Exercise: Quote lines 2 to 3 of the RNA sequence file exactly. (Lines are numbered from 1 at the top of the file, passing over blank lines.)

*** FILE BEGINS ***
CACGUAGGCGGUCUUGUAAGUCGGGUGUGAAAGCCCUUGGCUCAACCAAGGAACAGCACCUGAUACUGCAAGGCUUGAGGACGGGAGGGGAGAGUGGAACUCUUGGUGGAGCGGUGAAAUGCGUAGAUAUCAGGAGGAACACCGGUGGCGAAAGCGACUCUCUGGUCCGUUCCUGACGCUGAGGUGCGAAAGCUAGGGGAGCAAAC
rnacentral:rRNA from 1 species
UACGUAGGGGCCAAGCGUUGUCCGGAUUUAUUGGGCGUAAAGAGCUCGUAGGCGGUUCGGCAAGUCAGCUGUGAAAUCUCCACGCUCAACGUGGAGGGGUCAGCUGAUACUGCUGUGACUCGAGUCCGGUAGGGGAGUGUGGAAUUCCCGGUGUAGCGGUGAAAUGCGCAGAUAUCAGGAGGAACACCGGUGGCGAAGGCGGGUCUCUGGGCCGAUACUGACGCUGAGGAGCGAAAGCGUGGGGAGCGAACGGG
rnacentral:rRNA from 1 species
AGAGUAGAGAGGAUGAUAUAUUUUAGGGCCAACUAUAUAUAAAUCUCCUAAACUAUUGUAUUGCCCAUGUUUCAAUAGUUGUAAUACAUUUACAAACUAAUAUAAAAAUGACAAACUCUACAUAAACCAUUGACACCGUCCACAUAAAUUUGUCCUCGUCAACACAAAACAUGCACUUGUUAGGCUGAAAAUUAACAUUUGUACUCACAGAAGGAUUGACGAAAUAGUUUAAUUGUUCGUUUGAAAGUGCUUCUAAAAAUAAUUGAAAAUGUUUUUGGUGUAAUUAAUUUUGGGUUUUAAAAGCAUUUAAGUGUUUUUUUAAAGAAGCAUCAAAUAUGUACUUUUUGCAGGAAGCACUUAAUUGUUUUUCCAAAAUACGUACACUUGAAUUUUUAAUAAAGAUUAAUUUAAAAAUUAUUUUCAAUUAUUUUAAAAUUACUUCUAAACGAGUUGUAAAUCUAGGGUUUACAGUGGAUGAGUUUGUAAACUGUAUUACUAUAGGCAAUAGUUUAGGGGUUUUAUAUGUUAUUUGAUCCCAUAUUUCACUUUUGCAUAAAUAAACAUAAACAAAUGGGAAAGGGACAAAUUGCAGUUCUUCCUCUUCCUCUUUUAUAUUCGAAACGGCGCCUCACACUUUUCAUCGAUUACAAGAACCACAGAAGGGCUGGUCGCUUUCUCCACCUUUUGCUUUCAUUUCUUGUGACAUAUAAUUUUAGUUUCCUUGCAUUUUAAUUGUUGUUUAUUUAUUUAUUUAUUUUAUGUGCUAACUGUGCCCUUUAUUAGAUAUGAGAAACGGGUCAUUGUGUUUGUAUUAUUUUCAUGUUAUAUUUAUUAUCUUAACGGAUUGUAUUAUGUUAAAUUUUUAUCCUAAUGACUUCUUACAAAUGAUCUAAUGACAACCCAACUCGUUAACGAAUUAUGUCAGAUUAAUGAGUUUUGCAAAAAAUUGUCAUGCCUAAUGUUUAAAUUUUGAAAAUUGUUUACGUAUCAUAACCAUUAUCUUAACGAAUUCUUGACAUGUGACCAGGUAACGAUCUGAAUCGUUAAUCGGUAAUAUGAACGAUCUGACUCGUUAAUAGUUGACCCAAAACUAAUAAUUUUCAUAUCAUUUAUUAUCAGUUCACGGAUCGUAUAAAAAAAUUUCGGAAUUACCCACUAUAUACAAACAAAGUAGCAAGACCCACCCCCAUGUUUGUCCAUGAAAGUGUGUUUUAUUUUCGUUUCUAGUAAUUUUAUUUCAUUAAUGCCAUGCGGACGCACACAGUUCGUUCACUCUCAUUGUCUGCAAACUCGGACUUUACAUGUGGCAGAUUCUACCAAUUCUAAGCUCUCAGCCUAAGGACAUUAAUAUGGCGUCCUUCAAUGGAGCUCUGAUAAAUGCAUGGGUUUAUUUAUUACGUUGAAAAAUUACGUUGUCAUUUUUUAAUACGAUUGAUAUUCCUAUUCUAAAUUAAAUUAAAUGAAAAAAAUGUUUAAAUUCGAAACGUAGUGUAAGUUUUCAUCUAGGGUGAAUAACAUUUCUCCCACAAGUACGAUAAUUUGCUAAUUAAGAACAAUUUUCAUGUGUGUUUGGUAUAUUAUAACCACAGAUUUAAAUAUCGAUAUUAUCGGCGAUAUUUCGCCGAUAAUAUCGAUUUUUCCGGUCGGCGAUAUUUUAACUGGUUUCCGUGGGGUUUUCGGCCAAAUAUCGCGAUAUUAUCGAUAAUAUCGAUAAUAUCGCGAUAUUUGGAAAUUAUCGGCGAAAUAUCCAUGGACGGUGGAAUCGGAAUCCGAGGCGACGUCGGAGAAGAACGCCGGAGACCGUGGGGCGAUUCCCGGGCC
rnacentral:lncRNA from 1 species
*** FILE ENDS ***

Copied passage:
rnacentral:rRNA from 1 species
UACGUAGGGGCCAAGCGUUGUCCGGAUUUAUUGGGCGUAAAGAGCUCGUAGGCGGUUCGGCAAGUCAGCUGUGAAAUCUCCACGCUCAACGUGGAGGGGUCAGCUGAUACUGCUGUGACUCGAGUCCGGUAGGGGAGUGUGGAAUUCCCGGUGUAGCGGUGAAAUGCGCAGAUAUCAGGAGGAACACCGGUGGCGAAGGCGGGUCUCUGGGCCGAUACUGACGCUGAGGAGCGAAAGCGUGGGGAGCGAACGGG